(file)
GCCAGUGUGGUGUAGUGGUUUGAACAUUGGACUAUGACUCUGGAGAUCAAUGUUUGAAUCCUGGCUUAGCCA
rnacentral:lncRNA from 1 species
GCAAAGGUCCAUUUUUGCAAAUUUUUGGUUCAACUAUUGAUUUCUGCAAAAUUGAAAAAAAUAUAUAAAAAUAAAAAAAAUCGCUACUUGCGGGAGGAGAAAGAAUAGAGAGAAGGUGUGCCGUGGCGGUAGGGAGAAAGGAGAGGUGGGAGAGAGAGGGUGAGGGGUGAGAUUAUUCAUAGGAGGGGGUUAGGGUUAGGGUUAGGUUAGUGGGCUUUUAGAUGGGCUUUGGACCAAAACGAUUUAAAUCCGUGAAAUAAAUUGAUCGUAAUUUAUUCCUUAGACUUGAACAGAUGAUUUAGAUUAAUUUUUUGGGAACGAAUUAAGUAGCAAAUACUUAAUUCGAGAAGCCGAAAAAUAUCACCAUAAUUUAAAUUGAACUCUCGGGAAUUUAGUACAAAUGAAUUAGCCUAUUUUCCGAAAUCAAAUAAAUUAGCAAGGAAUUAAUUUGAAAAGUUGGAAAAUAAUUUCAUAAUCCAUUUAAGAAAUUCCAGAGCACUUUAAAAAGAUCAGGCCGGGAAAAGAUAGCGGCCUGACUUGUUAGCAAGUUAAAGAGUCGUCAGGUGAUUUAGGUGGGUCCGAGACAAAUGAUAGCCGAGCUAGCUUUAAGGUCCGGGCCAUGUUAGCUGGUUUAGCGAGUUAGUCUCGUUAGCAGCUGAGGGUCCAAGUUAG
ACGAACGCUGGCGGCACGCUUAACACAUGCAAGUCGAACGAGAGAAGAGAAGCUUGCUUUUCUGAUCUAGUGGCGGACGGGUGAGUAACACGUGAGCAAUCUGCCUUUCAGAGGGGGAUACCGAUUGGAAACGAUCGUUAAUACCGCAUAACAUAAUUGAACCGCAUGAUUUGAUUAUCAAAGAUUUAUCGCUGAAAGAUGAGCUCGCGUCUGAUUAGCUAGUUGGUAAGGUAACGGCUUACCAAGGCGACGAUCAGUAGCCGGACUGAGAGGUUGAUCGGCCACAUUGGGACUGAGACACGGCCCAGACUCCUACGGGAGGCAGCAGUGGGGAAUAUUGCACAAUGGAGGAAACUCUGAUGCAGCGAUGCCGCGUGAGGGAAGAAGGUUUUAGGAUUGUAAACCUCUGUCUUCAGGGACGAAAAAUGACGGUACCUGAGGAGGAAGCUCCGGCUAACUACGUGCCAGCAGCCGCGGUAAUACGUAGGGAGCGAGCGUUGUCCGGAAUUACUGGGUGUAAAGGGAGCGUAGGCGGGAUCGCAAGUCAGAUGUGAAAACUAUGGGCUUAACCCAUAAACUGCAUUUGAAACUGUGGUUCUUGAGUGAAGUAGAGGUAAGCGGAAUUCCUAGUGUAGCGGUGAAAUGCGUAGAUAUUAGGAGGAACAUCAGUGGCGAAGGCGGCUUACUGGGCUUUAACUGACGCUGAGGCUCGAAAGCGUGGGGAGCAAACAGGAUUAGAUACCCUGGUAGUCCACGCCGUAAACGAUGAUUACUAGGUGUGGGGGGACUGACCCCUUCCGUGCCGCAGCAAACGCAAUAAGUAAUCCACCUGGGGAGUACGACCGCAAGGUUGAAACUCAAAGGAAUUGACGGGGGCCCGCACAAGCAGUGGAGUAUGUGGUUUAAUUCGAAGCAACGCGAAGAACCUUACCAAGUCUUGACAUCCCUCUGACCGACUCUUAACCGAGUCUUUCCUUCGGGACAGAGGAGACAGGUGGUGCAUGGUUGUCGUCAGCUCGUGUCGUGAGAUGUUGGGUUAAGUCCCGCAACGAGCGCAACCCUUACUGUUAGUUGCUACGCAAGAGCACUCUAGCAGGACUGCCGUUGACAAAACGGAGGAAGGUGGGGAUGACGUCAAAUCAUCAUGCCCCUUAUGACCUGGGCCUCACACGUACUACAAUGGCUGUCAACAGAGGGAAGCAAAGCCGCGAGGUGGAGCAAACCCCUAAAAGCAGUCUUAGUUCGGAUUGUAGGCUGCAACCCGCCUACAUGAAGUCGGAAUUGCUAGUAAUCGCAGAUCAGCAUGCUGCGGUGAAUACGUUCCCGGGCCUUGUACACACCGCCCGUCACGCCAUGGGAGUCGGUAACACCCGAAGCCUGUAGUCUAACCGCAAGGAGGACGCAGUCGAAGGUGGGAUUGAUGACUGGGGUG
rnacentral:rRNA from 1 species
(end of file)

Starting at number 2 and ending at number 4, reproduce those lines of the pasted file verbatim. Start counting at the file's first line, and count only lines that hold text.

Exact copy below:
rnacentral:lncRNA from 1 species
GCAAAGGUCCAUUUUUGCAAAUUUUUGGUUCAACUAUUGAUUUCUGCAAAAUUGAAAAAAAUAUAUAAAAAUAAAAAAAAUCGCUACUUGCGGGAGGAGAAAGAAUAGAGAGAAGGUGUGCCGUGGCGGUAGGGAGAAAGGAGAGGUGGGAGAGAGAGGGUGAGGGGUGAGAUUAUUCAUAGGAGGGGGUUAGGGUUAGGGUUAGGUUAGUGGGCUUUUAGAUGGGCUUUGGACCAAAACGAUUUAAAUCCGUGAAAUAAAUUGAUCGUAAUUUAUUCCUUAGACUUGAACAGAUGAUUUAGAUUAAUUUUUUGGGAACGAAUUAAGUAGCAAAUACUUAAUUCGAGAAGCCGAAAAAUAUCACCAUAAUUUAAAUUGAACUCUCGGGAAUUUAGUACAAAUGAAUUAGCCUAUUUUCCGAAAUCAAAUAAAUUAGCAAGGAAUUAAUUUGAAAAGUUGGAAAAUAAUUUCAUAAUCCAUUUAAGAAAUUCCAGAGCACUUUAAAAAGAUCAGGCCGGGAAAAGAUAGCGGCCUGACUUGUUAGCAAGUUAAAGAGUCGUCAGGUGAUUUAGGUGGGUCCGAGACAAAUGAUAGCCGAGCUAGCUUUAAGGUCCGGGCCAUGUUAGCUGGUUUAGCGAGUUAGUCUCGUUAGCAGCUGAGGGUCCAAGUUAG
ACGAACGCUGGCGGCACGCUUAACACAUGCAAGUCGAACGAGAGAAGAGAAGCUUGCUUUUCUGAUCUAGUGGCGGACGGGUGAGUAACACGUGAGCAAUCUGCCUUUCAGAGGGGGAUACCGAUUGGAAACGAUCGUUAAUACCGCAUAACAUAAUUGAACCGCAUGAUUUGAUUAUCAAAGAUUUAUCGCUGAAAGAUGAGCUCGCGUCUGAUUAGCUAGUUGGUAAGGUAACGGCUUACCAAGGCGACGAUCAGUAGCCGGACUGAGAGGUUGAUCGGCCACAUUGGGACUGAGACACGGCCCAGACUCCUACGGGAGGCAGCAGUGGGGAAUAUUGCACAAUGGAGGAAACUCUGAUGCAGCGAUGCCGCGUGAGGGAAGAAGGUUUUAGGAUUGUAAACCUCUGUCUUCAGGGACGAAAAAUGACGGUACCUGAGGAGGAAGCUCCGGCUAACUACGUGCCAGCAGCCGCGGUAAUACGUAGGGAGCGAGCGUUGUCCGGAAUUACUGGGUGUAAAGGGAGCGUAGGCGGGAUCGCAAGUCAGAUGUGAAAACUAUGGGCUUAACCCAUAAACUGCAUUUGAAACUGUGGUUCUUGAGUGAAGUAGAGGUAAGCGGAAUUCCUAGUGUAGCGGUGAAAUGCGUAGAUAUUAGGAGGAACAUCAGUGGCGAAGGCGGCUUACUGGGCUUUAACUGACGCUGAGGCUCGAAAGCGUGGGGAGCAAACAGGAUUAGAUACCCUGGUAGUCCACGCCGUAAACGAUGAUUACUAGGUGUGGGGGGACUGACCCCUUCCGUGCCGCAGCAAACGCAAUAAGUAAUCCACCUGGGGAGUACGACCGCAAGGUUGAAACUCAAAGGAAUUGACGGGGGCCCGCACAAGCAGUGGAGUAUGUGGUUUAAUUCGAAGCAACGCGAAGAACCUUACCAAGUCUUGACAUCCCUCUGACCGACUCUUAACCGAGUCUUUCCUUCGGGACAGAGGAGACAGGUGGUGCAUGGUUGUCGUCAGCUCGUGUCGUGAGAUGUUGGGUUAAGUCCCGCAACGAGCGCAACCCUUACUGUUAGUUGCUACGCAAGAGCACUCUAGCAGGACUGCCGUUGACAAAACGGAGGAAGGUGGGGAUGACGUCAAAUCAUCAUGCCCCUUAUGACCUGGGCCUCACACGUACUACAAUGGCUGUCAACAGAGGGAAGCAAAGCCGCGAGGUGGAGCAAACCCCUAAAAGCAGUCUUAGUUCGGAUUGUAGGCUGCAACCCGCCUACAUGAAGUCGGAAUUGCUAGUAAUCGCAGAUCAGCAUGCUGCGGUGAAUACGUUCCCGGGCCUUGUACACACCGCCCGUCACGCCAUGGGAGUCGGUAACACCCGAAGCCUGUAGUCUAACCGCAAGGAGGACGCAGUCGAAGGUGGGAUUGAUGACUGGGGUG